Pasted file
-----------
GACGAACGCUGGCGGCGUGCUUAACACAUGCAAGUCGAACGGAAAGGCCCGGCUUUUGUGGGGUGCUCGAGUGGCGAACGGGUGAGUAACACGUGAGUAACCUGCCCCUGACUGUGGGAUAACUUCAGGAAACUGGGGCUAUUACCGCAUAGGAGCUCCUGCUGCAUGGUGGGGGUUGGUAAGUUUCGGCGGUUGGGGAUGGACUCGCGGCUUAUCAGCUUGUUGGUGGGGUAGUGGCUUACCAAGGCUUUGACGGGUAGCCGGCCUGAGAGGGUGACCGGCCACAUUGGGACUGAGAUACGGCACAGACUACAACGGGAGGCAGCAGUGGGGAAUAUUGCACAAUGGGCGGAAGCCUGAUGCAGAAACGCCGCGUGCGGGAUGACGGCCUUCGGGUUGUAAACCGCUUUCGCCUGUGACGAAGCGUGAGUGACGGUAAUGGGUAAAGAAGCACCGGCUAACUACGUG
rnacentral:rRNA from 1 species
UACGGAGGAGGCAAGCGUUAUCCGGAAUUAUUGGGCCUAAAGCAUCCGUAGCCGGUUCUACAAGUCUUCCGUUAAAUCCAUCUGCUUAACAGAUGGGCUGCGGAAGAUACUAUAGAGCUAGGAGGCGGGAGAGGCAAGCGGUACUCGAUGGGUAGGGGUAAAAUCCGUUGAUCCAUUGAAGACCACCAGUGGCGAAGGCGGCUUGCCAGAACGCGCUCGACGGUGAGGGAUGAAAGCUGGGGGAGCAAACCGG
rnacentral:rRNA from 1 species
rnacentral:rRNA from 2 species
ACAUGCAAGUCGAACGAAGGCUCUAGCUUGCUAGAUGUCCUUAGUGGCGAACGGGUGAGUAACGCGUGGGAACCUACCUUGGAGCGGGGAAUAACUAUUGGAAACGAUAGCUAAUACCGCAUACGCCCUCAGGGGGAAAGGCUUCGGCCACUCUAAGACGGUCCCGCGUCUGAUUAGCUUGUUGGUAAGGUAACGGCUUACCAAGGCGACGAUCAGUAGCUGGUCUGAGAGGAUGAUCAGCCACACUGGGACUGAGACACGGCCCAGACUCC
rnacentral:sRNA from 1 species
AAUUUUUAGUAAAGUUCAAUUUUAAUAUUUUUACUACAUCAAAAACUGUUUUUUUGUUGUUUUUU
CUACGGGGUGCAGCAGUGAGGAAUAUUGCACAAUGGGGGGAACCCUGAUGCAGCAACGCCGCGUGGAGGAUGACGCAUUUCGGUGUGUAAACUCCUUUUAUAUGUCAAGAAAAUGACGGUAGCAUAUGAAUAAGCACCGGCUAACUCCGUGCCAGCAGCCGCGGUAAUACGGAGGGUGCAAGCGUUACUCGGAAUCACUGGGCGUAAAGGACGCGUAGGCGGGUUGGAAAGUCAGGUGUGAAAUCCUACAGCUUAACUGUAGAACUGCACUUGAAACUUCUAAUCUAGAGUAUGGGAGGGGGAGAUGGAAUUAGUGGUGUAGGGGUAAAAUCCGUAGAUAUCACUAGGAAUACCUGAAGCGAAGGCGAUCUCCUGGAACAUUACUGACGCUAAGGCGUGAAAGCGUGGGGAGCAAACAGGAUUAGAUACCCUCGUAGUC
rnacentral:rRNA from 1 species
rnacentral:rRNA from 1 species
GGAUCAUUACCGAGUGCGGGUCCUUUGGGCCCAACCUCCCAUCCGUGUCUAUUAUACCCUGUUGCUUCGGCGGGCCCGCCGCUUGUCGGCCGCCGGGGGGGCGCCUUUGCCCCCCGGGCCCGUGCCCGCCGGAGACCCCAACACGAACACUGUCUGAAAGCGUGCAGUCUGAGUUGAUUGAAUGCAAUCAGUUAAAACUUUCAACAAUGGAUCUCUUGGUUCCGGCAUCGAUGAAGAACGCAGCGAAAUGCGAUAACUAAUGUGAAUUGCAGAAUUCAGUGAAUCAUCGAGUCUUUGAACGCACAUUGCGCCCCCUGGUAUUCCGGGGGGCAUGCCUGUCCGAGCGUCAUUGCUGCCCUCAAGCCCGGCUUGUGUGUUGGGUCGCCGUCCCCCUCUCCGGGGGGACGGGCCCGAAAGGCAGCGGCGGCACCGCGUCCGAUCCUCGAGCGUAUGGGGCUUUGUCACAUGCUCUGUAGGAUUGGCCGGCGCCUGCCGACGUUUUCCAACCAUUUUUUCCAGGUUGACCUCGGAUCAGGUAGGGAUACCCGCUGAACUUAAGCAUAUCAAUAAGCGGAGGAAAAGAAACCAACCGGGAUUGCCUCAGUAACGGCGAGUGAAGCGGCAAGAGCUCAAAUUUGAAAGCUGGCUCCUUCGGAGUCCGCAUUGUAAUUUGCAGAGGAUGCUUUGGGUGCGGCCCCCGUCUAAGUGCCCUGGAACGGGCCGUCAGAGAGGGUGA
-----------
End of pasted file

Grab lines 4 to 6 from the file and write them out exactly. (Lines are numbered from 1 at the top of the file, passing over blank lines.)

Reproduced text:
rnacentral:rRNA from 1 species
rnacentral:rRNA from 2 species
ACAUGCAAGUCGAACGAAGGCUCUAGCUUGCUAGAUGUCCUUAGUGGCGAACGGGUGAGUAACGCGUGGGAACCUACCUUGGAGCGGGGAAUAACUAUUGGAAACGAUAGCUAAUACCGCAUACGCCCUCAGGGGGAAAGGCUUCGGCCACUCUAAGACGGUCCCGCGUCUGAUUAGCUUGUUGGUAAGGUAACGGCUUACCAAGGCGACGAUCAGUAGCUGGUCUGAGAGGAUGAUCAGCCACACUGGGACUGAGACACGGCCCAGACUCC